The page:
Wedding Cheesecake...what Are My Options?

Decorating By Amia Updated 13 Apr 2008 , 7:03pm by Amia

Amia Posted 26 Mar 2008 , 5:46pm
post #1 of 12

I'm getting married in a year and I am not a fan of cake. I really love cheesecake and want that for my wedding cake. What are my options as far as stacking the tiers, do they have to be separated? How thick are cheesecake layers, usually? What type of icing is used? I want 4 square tiers. The top photo is the overall design I like and the second photo is the decoration I want on two alternating tiers, with ribbon on the other tiers.



11 replies
JanH Posted 27 Mar 2008 , 11:14am
post #2 of 12
Homemade-Goodies Posted 5 Apr 2008 , 6:57pm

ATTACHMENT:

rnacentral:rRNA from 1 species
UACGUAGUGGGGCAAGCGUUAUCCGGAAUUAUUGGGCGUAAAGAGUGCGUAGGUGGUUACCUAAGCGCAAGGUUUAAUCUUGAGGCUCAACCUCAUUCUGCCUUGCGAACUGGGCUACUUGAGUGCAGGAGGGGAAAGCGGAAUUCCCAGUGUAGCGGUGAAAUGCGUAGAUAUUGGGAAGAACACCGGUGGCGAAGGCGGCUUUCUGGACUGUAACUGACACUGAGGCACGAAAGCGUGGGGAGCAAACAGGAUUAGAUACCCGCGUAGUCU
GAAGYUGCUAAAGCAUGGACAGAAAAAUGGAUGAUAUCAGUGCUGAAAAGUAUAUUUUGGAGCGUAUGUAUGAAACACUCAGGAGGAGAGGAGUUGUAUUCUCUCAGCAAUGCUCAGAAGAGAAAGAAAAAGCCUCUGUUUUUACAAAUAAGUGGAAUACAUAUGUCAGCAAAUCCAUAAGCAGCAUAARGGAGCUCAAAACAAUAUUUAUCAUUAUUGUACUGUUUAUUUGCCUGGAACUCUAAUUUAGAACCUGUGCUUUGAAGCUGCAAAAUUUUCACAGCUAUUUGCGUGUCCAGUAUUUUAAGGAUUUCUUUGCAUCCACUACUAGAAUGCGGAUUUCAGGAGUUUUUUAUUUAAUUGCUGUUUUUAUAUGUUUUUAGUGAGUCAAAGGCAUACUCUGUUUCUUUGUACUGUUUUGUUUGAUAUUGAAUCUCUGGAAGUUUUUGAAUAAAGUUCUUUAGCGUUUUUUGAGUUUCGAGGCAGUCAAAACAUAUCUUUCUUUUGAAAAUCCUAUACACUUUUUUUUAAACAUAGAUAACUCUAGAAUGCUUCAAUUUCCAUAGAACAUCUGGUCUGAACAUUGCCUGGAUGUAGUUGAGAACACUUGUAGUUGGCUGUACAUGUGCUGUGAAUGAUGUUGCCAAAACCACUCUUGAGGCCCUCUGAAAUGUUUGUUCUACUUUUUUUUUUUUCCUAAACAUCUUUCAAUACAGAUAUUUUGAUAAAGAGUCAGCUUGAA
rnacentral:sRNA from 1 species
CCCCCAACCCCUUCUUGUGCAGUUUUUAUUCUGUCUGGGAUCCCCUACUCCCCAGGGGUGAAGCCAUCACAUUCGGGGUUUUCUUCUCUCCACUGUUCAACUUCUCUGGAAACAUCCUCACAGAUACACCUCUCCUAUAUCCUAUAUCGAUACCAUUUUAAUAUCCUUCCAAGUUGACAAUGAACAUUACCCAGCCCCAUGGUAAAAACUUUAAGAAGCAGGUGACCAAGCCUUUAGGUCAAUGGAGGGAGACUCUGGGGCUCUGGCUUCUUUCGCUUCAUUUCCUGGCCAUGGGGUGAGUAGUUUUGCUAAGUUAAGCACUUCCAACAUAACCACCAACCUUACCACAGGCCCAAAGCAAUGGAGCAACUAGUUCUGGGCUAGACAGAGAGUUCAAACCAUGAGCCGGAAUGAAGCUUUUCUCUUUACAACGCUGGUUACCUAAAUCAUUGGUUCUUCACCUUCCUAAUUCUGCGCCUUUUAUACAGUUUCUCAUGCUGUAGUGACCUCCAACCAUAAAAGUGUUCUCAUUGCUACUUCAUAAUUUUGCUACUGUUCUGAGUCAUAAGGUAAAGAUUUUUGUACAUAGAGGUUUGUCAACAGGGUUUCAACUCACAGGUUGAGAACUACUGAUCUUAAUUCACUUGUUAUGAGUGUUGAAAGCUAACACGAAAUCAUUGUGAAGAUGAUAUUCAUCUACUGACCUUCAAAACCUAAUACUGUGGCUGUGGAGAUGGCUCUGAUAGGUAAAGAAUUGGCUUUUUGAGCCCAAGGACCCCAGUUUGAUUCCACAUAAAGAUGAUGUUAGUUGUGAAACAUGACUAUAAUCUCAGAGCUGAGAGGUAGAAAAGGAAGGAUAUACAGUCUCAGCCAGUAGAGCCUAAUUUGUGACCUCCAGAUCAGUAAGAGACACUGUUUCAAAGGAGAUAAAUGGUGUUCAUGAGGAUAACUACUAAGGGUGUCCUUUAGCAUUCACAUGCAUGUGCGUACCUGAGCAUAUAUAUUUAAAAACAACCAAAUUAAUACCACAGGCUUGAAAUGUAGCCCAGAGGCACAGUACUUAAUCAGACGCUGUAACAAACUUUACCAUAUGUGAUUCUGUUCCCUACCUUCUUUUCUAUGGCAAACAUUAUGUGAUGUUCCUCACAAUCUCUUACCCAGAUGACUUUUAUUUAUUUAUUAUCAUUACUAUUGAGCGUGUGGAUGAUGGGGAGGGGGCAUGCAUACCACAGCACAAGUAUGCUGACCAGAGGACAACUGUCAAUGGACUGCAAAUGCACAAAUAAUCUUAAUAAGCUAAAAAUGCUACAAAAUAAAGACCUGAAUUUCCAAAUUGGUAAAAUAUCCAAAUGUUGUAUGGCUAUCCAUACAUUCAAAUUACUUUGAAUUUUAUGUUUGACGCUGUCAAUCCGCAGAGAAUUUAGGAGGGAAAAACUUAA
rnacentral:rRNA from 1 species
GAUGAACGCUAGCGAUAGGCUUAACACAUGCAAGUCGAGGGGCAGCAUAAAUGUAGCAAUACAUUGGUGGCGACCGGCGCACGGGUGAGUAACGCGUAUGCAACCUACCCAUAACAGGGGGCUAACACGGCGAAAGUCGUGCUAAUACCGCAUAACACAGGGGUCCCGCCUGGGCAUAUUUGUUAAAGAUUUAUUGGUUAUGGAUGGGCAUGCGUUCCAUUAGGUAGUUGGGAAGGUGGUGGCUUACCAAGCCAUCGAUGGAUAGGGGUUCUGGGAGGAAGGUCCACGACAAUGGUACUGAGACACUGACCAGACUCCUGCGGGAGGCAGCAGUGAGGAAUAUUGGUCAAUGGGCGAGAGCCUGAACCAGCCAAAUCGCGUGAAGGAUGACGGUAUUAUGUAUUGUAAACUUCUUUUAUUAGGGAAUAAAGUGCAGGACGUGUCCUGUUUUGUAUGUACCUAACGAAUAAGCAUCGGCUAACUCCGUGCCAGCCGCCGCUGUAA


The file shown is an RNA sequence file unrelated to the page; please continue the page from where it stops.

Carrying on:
post #3 of 12

I wasn't baking cakes when I was married, but really wanted cheesecake for the reception. I took the 'cheesy' way out...bought Costco cheesecakes and decorated them with fresh flowers. they turned out really sweet! icon_biggrin.gif

Of course this is beside the point, but you just reminded me...

Best wishes in your wedding and their plans!!

Amia Posted 5 Apr 2008 , 7:04pm
post #4 of 12
Originally Posted by Homemade-Goodies

I wasn't baking cakes when I was married, but really wanted cheesecake for the reception. I took the 'cheesy' way out...bought Costco cheesecakes and decorated them with fresh flowers. they turned out really sweet! icon_biggrin.gif

Of course this is beside the point, but you just reminded me...

Best wishes in your wedding and their plans!!

Hmm...that is a really good idea! I love their cheesecake! I wonder if they'd do specialty sizes and not add the bc swirls...hmm...? I want to do tiers of cake AND cheesecake, so my guests have an option and I'm still happy icon_smile.gif Thanks for the idea!!!!! icon_biggrin.gif